52 percent of travelers think families with kids under 10 should sit separately on a plane
There’s not a parent alive that would call flying with small children fun. Aside from logistics, there’s also the worry that you’re stressing out fellow passengers with your kids’ shenanigans, and it turns out, that worry is rooted in reality. A new survey shows that 52 percent of travelers feel families with kids under 10 should sit in a separate section of the plane.
Sounds good to us.
A study released by Airfare Watch Dog proves that travelers are more worried about sitting near our annoying kids than they are about being near someone with body odor (28 percent) or a passenger who’s sick or coughing (39.3 percent). They think parents and their kids should be isolated from the rest of the cabin.
Wow. That’s uh, really special.
The kid hate is real, as has been proven in one air travel horror story after another. There are certain people who feel children have no place in public life if they make so much as a sound, which is absolute fucking bullshit considering how many objectionable things adults do. Only difference is, adults are (supposed to be) old enough to know better.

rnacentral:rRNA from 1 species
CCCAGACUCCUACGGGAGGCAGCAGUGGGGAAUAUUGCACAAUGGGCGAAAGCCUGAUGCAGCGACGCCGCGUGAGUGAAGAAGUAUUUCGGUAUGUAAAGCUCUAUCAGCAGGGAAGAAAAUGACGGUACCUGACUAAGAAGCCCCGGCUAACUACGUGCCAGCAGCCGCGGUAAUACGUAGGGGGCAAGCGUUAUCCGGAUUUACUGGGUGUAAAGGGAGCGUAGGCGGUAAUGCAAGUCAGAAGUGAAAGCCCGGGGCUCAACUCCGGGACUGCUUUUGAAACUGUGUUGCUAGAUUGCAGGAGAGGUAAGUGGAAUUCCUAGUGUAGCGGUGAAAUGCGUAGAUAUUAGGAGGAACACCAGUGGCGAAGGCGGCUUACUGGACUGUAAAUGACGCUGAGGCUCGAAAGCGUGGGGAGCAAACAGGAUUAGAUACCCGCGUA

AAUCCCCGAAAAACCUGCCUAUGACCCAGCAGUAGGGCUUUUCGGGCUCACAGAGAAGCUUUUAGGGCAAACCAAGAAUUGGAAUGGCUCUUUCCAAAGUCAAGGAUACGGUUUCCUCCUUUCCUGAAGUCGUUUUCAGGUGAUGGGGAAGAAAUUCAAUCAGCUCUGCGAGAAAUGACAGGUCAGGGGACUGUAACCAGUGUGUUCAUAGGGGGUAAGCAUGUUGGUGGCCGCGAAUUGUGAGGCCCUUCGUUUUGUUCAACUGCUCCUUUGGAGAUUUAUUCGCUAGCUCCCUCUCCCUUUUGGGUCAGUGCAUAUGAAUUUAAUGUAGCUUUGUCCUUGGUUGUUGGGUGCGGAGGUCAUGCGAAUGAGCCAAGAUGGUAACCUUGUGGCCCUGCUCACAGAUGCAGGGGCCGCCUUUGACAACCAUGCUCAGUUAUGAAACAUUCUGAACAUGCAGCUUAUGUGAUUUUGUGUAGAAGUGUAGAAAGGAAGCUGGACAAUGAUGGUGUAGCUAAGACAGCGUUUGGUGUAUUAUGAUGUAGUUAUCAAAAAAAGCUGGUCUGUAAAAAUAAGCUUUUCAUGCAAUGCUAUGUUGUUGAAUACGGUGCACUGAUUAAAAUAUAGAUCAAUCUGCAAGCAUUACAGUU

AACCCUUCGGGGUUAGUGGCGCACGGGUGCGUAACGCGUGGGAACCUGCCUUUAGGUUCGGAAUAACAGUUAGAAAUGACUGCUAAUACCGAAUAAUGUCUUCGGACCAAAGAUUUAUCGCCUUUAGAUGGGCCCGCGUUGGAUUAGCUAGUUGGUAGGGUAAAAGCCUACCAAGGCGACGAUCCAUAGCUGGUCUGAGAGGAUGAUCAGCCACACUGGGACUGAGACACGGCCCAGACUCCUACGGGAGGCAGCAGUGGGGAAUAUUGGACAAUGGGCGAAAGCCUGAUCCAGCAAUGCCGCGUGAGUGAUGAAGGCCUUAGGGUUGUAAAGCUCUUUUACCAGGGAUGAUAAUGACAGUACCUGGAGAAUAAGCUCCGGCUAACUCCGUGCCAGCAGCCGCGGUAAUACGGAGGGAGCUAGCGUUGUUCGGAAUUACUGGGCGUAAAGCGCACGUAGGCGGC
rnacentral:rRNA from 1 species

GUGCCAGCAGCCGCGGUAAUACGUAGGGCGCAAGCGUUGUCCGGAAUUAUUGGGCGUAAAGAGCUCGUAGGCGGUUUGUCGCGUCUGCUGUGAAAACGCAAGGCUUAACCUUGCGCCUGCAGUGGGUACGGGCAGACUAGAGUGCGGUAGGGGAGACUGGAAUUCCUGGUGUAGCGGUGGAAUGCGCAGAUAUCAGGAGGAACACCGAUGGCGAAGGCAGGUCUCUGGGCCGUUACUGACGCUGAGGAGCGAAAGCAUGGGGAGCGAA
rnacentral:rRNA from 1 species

Even before I had kids I’d take sitting next to a whiny toddler over a guy who ate an entire garlic pizza for lunch any day. Same with an obnoxiously drunk person. Or that asshole hacking up a lung who has no business being in close proximity with 100 strangers in a cabin with no fresh air.
Let’s just say it — air travel sucks. No matter your age or your seat buddy, there are unpleasant things happening at 37,000 feet and most of us are just trying to get through it without too much trouble.
But for parents, the struggle is especially real, and that’s when only considering things like packing enough snacks, diapers and distractions to keep our precious angels (relatively) chill during the flight. To know that over half of those seated around us wish we were in some isolation chamber so they could be free of the human noises our offspring make is pretty unnerving.
It’s also pretty infuriating, considering the above-listed offenses that are by no means exclusive to those under age 10. We paid for our tickets too, and our kids, annoying though they may be, are not second class citizens who should be hidden in some dark corner on the plane. Nor should we have to assemble apology goodie bags to make our tiny travelers more palatable to those who wish they weren’t there.
So yes, let’s seat families separately. Like, in first class. We’d be hard-pressed to think of a group of people more deserving of extra leg room (have you seen a 3-year-old try to stay in one of those tiny seats with no spare space for the entirety of a cross-country flight?), warm cookies, nicer TVs and top-shelf alcohol.
Especially the alcohol.